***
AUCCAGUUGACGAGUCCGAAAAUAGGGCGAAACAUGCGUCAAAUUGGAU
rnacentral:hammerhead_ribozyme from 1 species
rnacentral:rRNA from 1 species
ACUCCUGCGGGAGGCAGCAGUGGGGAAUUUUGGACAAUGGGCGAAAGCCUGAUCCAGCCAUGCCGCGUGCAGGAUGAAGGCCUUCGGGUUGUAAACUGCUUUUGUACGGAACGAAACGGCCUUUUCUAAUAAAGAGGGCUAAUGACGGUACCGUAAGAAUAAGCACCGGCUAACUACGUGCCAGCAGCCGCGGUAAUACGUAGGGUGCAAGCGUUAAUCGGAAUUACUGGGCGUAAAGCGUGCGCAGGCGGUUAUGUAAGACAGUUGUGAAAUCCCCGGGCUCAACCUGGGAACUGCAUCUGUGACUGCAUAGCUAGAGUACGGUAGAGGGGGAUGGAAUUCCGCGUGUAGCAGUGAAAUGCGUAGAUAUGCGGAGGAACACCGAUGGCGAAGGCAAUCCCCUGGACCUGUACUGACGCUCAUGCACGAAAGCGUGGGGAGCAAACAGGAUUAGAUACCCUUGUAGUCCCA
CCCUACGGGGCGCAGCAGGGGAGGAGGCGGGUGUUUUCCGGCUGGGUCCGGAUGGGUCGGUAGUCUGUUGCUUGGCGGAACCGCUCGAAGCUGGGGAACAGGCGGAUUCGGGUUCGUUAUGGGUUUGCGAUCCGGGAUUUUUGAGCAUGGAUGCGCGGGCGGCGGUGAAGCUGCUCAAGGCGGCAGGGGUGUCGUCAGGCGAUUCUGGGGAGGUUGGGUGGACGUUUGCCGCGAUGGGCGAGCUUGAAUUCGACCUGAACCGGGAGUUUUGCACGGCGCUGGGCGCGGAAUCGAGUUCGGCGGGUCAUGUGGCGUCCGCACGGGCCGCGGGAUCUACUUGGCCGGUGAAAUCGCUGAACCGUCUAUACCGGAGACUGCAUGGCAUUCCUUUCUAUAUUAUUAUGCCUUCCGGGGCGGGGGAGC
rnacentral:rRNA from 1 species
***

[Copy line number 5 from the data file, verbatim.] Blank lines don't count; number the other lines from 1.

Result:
CCCUACGGGGCGCAGCAGGGGAGGAGGCGGGUGUUUUCCGGCUGGGUCCGGAUGGGUCGGUAGUCUGUUGCUUGGCGGAACCGCUCGAAGCUGGGGAACAGGCGGAUUCGGGUUCGUUAUGGGUUUGCGAUCCGGGAUUUUUGAGCAUGGAUGCGCGGGCGGCGGUGAAGCUGCUCAAGGCGGCAGGGGUGUCGUCAGGCGAUUCUGGGGAGGUUGGGUGGACGUUUGCCGCGAUGGGCGAGCUUGAAUUCGACCUGAACCGGGAGUUUUGCACGGCGCUGGGCGCGGAAUCGAGUUCGGCGGGUCAUGUGGCGUCCGCACGGGCCGCGGGAUCUACUUGGCCGGUGAAAUCGCUGAACCGUCUAUACCGGAGACUGCAUGGCAUUCCUUUCUAUAUUAUUAUGCCUUCCGGGGCGGGGGAGC